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sailing from mangonui to kerikeri inlet - tips?

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dear all,

 

i and one other crew will be sailing from mangonui to the BOI, within the next two weeks. both of us have some experiences (i have been offshore several times) but we have not done this particular passage. it does not look difficult on the chart, but some of you may know better! so, what are some of the things to take note of? :roll: in particular,

 

1. can it be done in one day of moderate winds at this time of the year? (we are doing the trip on a 26-ft cruising yacht, new to us, and plan to embark at crack of dawn)

 

2. what is a good routing? are there "passes" that should actually be avoided? how far to stay from shore? should i steer north of all the islands en route?

 

3. is the route you recommend relatively free of semi-submerged rocks and boulders? (our boat draws 1.4 m)

 

4. if we break the trip into two legs with stopover in whangaroa, where should we anchor for the night? does the marina there cater to casual visitors? (we would prefer some safe anchorage near the mouth of the harbour.)

 

5. aside from whangaroa, are there "safe havens" en route?

 

6. what VHF channel to get weather for that part of the coast? any 3G signal reception possible? (i use telecom)

 

many thanks! joseph

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I'm not that familiar with the Cavallis ... certainly not as familiar as some on here so will leave discussion of that area to others.

 

Whangaroa Harbour is a fabulous, well protected harbor with plenty of safe secure anchorages close to the entrance or in any of the arms that lead off the main harbor The entrance to the harbor is lit at night and its fairly hard to find during the day just by eye (no problems with a chart plotter or chart and GPS though). There's good fishing inside the harbor if you anchor out, or if you want to get a marina berth there is a small marina at Whangaroa township. It doesn't look like a particularly flash marina, but there ya go. At Whangaroa itself, there's a pub and a shop and that's about it. Possible shelter depending on wind direction can also be had in the lee of Stephenson Island about 5 miles off the entrance to Whangaroa but there is foul ground around the island.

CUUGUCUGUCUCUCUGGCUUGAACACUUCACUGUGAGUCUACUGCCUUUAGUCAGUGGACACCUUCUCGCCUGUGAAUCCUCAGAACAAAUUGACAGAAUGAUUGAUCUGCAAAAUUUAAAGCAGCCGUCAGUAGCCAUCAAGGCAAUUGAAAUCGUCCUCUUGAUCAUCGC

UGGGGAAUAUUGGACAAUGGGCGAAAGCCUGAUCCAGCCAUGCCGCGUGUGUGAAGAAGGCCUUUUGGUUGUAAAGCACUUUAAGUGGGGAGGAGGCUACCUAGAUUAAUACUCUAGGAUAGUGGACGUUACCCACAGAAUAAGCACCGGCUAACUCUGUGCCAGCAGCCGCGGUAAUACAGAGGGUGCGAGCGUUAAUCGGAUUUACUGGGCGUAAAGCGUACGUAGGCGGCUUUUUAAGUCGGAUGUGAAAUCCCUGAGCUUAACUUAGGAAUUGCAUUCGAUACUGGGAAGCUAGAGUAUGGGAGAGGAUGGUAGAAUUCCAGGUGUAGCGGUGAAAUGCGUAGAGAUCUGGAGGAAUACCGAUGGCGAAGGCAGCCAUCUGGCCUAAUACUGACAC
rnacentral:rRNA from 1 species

Banaari would be the Kerikeri Inlet expert .... sounds like he's personally sounded out some of the mudbanks lately. I'm sure there are others with plenty more to share about that piece of coastline.

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It is a pretty straight forward, basic seamanship applies, if you have a GPS, (handheld is good) you can plot your course to miss any rocks that are close to the direct route. Passing through (inside) the Cavalli's shortens the trip a little and is worth it, just to experience sailing in confined waters as you exit the southern channel, try and time it so the tide is in your favour. There is a rock that has caught several yachties out near the southern part of the Cavalli bay, GPS will show it or / and check it on a paper chart. It would be on your Starboard side. Or you can sail around the outside, keeping a reasonable offing to to have clear air if the wind is anywhere from the SW through West.

Make sure that the GPS is set to WGS84 so what you see on it is actually where you are. For those of us who have done it many times it is not a biggy, take it easy, plot your course carefully and mainly enjoy it.

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.... sounds like he's personally sounded out some of the mudbanks lately.

That's about the full and complete extent of my knowledge!! _IF_ your intentions in the Inlet include the Pickmere Channel and above, then it is most definitely tide-restricted... drawing 0.6 my current rule of thumb is 1/3 tide minimum and then proceed cautiously.

But I'd be consulting the likes of Bimini Babe, Sealegs, etc.

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Guest

hi everyone, many thanks for the advices. my destination is blacksmith bay past doves bay, where i have secured a legal mooring. also, in this part of the country, do they encourage people to call up the coast guard and let them know about a trip, and also call them when it's done? thanks. joseph

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Below radio info

Definatly do Whangaroa if you have time, and don't worry about a marina unless you need supplies as there are plenty of places to anchor

It's about 20 nm to Whangaroa then another 35 to Keri Keri aprox so it's doable in a little cruiser with a favourable breeze but it will make the trip if you stopover.

You will be in ph range the whole way